Image Classification by Skin Detection
One interesting application of skin detection is as part of a larger system for detecting people in photos. A person detector that worked reliably on Web images could be a valuable tool for image search services on the web and in digital libraries, as well as for image categorization.
Our goal is to determine whether or not an input image contains one or more people by aggregating the pixel-wise output of the skin detector. The baseline detection rate for this problem is 52%, which is the percentage of images in our dataset containing people. We computed a simple feature vector from the output of the skin detector and then trained a classifier on these features to determine whether a person is present or not. The features we used are
1. Percentage of pixels detected as skin
2. Average probability of the skin pixels
3. Size in pixels of the largest connected component of skin 4. Number of connected components of skin
5. Percent of colors with no entries in the skin and nonskin histograms . RESULTS:
– 83.2% (correctly classified person images)
– 71.3% (correctly classified non-person images)
– 77.5% (correctly classified images)
These features can all be computed in a single pass over the input image, making the resulting person detector extremely fast. No effort was spent tuning or adjusting the feature set, so it is possible that other choices would yield better performance.
1.2 Adult Image Detection
By taking advantage of the fact that there is a strong correlation between images with large patches of skin and adult images, the skin detector can also be used as the basis for an adult image detector. There is a growing industry aimed at filtering and blocking adult content from Web indexes and browsers. All of these services currently operate by maintaining lists of objectionable URL’s and newsgroups and require constant manual updating. An image-based scheme has the potential advantage of applying equally to all images without the need for updating To detect adult images, we followed the same approach as with person detection. A feature vector based on the output of the skin detector was computed for each training image. The feature vectors included the same five features used for person detection, plus two additional elements corresponding to the height and width of the image. These two were added based on informal observations that adult images are often sized to frame a standing or reclining figure. The adult image detector is essentially looking for images with connected regions of skin of the right size. As a consequence, the most common false positive for our system is a close-up image of a face. Use of a face detector in conjunction with the skin detector could alleviate this particular problem. However, major improvements in performance are likely to require the use of other cues such as text, as well as more detailed analysis of image structures.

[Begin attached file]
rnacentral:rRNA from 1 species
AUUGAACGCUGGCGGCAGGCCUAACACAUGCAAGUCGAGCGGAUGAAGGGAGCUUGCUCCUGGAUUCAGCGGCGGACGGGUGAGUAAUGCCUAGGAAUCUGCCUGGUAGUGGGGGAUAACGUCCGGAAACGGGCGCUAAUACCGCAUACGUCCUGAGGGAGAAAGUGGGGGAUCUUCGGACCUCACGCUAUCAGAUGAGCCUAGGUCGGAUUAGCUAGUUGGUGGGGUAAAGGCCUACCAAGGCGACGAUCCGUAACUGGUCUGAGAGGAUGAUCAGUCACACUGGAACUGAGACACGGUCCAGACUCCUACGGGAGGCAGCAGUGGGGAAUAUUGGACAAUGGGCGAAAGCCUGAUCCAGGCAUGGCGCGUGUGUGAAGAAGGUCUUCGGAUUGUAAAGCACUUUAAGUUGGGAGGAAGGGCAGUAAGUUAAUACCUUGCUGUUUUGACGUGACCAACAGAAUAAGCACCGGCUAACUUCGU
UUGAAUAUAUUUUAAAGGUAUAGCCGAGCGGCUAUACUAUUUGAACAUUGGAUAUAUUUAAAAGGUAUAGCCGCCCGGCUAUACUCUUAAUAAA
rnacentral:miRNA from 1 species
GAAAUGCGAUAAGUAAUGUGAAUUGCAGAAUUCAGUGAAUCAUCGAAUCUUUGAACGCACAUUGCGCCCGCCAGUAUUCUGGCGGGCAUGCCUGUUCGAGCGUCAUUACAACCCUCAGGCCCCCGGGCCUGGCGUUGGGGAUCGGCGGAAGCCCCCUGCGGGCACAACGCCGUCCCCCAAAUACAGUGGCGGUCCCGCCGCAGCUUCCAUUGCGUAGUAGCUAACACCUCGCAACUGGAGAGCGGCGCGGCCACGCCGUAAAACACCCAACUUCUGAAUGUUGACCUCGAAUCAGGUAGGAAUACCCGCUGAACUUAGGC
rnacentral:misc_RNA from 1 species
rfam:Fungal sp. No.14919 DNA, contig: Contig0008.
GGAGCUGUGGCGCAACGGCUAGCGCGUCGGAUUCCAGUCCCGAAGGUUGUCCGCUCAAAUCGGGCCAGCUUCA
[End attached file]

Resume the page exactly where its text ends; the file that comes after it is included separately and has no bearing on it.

We combined the color-based detector (using a threshold that yielded 85.8% correct detections and 7.5% false positives) with the text-based detector by using an “OR” of the two classifiers, i.e. an image is labelled adult if either classifier labels it adult. The combined detector correctly labels 93.9% of the adult images from crawl A and obtains 8% false positives on the non-adult images from crawl B. Table 1 summarizes these results. One interesting observation is that the color and texture features appear to be complementary, since the combined detector exhibits an increase in both the detection rate and the false alarm rate. This suggests that more sophisticated combination schemes than the “OR” operator could yield even better combined performance. 
Table 1. Comparison of adult image detector using color-based, text-based and combined classifiers on the test data [pic]
1.3 Human Face...
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